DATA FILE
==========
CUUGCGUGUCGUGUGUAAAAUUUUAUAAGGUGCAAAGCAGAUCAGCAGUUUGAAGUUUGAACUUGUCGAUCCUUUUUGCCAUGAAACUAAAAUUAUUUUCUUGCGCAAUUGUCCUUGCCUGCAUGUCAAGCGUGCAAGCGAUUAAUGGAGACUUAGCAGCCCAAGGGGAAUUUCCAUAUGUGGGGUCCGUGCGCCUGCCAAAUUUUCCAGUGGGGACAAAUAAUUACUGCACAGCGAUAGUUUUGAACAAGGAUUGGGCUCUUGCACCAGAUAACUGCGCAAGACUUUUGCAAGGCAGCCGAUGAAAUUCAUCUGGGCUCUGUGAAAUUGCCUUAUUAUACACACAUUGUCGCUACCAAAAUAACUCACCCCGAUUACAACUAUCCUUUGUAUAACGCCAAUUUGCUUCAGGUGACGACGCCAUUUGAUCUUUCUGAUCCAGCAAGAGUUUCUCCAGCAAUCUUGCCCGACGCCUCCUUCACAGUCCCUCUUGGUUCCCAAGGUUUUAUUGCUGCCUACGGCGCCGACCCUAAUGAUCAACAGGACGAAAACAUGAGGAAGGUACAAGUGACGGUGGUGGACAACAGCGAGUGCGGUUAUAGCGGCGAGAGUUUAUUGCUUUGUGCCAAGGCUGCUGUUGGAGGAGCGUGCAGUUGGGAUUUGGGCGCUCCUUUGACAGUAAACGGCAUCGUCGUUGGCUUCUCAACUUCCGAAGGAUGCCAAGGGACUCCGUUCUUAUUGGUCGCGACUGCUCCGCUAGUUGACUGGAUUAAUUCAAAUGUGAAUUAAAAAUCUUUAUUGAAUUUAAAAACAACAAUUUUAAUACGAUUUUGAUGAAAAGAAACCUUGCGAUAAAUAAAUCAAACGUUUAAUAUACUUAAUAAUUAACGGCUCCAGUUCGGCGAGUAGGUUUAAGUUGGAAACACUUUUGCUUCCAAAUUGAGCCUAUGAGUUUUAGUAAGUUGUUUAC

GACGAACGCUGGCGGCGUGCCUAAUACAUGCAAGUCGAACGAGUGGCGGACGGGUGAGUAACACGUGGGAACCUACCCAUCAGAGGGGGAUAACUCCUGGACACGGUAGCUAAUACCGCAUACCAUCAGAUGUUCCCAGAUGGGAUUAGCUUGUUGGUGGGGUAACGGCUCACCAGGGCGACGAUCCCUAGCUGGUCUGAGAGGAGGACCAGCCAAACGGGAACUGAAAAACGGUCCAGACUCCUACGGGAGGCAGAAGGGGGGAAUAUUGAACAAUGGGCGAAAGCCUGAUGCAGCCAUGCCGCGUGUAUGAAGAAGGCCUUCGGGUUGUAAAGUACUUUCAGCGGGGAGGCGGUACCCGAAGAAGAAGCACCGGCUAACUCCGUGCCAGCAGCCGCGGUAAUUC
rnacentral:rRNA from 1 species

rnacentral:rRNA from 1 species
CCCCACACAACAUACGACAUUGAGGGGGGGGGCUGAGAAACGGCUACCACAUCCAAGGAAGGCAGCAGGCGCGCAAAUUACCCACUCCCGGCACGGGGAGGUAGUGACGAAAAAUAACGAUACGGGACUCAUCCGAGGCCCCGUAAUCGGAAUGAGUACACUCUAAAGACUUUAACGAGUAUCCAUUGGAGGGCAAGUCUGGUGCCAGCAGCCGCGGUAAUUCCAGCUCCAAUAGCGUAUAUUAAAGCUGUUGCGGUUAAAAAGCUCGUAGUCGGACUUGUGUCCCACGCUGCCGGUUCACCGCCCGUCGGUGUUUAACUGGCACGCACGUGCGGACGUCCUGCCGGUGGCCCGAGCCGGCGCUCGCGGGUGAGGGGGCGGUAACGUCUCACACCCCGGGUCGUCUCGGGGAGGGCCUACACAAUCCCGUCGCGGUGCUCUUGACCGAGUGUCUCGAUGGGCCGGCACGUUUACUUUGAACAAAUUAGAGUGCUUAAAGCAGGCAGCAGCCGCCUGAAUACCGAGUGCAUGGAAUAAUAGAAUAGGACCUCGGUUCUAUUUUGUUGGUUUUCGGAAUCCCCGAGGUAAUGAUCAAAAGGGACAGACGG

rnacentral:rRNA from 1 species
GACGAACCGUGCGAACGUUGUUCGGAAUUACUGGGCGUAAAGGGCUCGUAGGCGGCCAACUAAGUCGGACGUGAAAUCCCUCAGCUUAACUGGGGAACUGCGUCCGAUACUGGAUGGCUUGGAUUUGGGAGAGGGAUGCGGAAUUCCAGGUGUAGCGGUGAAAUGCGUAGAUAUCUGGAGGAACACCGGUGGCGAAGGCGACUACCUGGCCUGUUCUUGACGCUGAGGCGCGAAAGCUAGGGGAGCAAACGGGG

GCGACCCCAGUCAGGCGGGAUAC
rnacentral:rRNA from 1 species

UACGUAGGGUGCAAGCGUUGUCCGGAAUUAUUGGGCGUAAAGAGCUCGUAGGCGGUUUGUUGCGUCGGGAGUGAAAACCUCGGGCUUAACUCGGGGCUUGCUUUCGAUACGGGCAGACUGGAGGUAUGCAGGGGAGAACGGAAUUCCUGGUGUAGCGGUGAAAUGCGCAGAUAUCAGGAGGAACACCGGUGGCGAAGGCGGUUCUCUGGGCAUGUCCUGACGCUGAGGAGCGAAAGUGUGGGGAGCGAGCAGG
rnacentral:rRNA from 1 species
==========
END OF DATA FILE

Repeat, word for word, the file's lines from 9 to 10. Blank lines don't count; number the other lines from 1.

rnacentral:rRNA from 1 species

UACGUAGGGUGCAAGCGUUGUCCGGAAUUAUUGGGCGUAAAGAGCUCGUAGGCGGUUUGUUGCGUCGGGAGUGAAAACCUCGGGCUUAACUCGGGGCUUGCUUUCGAUACGGGCAGACUGGAGGUAUGCAGGGGAGAACGGAAUUCCUGGUGUAGCGGUGAAAUGCGCAGAUAUCAGGAGGAACACCGGUGGCGAAGGCGGUUCUCUGGGCAUGUCCUGACGCUGAGGAGCGAAAGUGUGGGGAGCGAGCAGG